It's akin to buying a house and having to agree that the home-builder can take it back, without compensating you, whenever they want. Or that the home-builder can come by one day and knock down your bedroom wall because they feel like it.
The entire concept is completely one-sided and infuriating.
Don't some EULA's imply that, by purchasing the product, you have already agreed to their terms? Before even reading anything?

Yes, it is our faults for continually accepting them. When you examine the way they are presented, it's hard to place the blame on consumers though.
The entire system is contrived so that there is no reasonable way for the consumer to protest. The agreements are long and worded in legalese, usually presented at a time when you do not have the time/desire to read through them, and if you don't like one aspect of them, you technically cannot use the product whatsoever. There is no negotiation, no leeway. Their way or get fucked.

Everyone loves Steam, but as the paranoid guy in me keeps saying:
At any time, Steam could decide to deny you access to all your games, and there is NOTHING you could do about it. You are renting them. You don't own anything.

Jhereg42:
Here is another problem with the present system.

You buy a PC game for $50 at your local retailer. Go home, start to load it. Read the EULA, and just cannot agree to the draconian idea that you don't own your disks that you clearly now own. So, since you cannot accept the EULA you responsibly box it back up and try to return it. Only, retailers are very nasty about returning opened PC games. They simply assume you pirated it and want to return it now for a full refund. (a lot of companies will not accept a PC game with the wrap opened.) Correct me if I am wrong, but I believe that the same is true with digital distribution like Steam.

Whoops, now you are up the creek. You paid for your product, do not accept their contract that is only available for examination AFTER you've paid for it, and you cannot return it.

I think that is why EULAs are going to be shot down by courts in the end. They force the user to agree to terms after the license has been purchased, not before. There is a understanding on the part of the buyer that they are purchasing a finished product at retail, not a license to operate another person's product.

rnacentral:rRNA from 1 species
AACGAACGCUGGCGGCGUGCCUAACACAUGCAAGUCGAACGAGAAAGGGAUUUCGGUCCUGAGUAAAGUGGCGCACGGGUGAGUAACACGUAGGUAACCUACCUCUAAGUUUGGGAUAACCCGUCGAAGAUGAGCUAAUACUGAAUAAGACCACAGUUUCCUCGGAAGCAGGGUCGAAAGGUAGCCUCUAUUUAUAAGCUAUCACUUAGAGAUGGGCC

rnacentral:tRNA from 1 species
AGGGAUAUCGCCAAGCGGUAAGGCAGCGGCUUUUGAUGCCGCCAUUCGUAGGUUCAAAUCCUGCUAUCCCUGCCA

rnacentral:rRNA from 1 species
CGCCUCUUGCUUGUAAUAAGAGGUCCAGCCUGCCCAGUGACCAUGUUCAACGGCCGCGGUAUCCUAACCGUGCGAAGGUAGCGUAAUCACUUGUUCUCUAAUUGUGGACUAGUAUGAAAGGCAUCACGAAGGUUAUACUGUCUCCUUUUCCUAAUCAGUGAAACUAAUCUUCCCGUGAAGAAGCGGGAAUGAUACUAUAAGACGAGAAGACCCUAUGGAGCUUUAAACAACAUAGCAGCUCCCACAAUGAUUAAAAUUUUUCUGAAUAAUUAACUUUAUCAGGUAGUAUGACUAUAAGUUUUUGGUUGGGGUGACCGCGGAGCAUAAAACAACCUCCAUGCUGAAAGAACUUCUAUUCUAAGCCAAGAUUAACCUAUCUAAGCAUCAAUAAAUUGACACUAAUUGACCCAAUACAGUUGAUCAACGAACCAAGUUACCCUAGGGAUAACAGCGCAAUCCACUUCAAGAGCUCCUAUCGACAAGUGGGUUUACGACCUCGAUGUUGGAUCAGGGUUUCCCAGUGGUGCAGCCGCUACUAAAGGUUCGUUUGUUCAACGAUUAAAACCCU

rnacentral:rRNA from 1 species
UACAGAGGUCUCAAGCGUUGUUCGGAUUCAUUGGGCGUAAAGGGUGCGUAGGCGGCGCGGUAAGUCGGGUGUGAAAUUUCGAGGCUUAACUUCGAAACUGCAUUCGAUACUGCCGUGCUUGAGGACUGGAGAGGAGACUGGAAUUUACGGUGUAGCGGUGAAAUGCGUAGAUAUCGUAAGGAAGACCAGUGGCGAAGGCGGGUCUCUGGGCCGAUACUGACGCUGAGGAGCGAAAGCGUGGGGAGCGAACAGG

And the best part is that Activision has introduced similar EULAs to their console games that are auto-accepted as soon as you put the disc in the drive. (Check the manuals if you don't believe me)

I maintain that the end user license agreement has no real sway and doesnt matter at all, really if you read them for pc games they specifically state that if you do not agree with the elua then you can return the game for a refund but when farcry 2 was on sale on steam and I discovered that it had drm after purchasing it I couldnt get that refund from either steam or ubisoft, ubisoft said the distributer was responsible for the refund and steam said there were no refunds, clearly against the terms of the elua for the game so therefor they dont matter at all

Like the article said, we tacitly agree to these conditions, i'm guilty of that like everyone else. If we ALL stopped buying games in demand of fairer EULA's etc then I think stuff will change, but I doubt that will ever happen.

Worgen:
I maintain that the end user license agreement has no real sway and doesnt matter at all, really if you read them for pc games they specifically state that if you do not agree with the elua then you can return the game for a refund but when farcry 2 was on sale on steam and I discovered that it had drm after purchasing it I couldnt get that refund from either steam or ubisoft, ubisoft said the distributer was responsible for the refund and steam said there were no refunds, clearly against the terms of the elua for the game so therefor they dont matter at all

This. This should be said more. EULA's are literally meaningless.

If an empowered employee (i.e. one given written permission to make binding decisions on behalf of the corporation) of the publisher wants to stand on hand in the real world with two witnesses and a Notary Public at the point of purchase (how would we do that online, again?) so that we can sign a legally binding agreement before I give anyone any money, we'll talk. Until then, gtfo please, EULA's are not legal documents.

Jhereg42:
Here is another problem with the present system.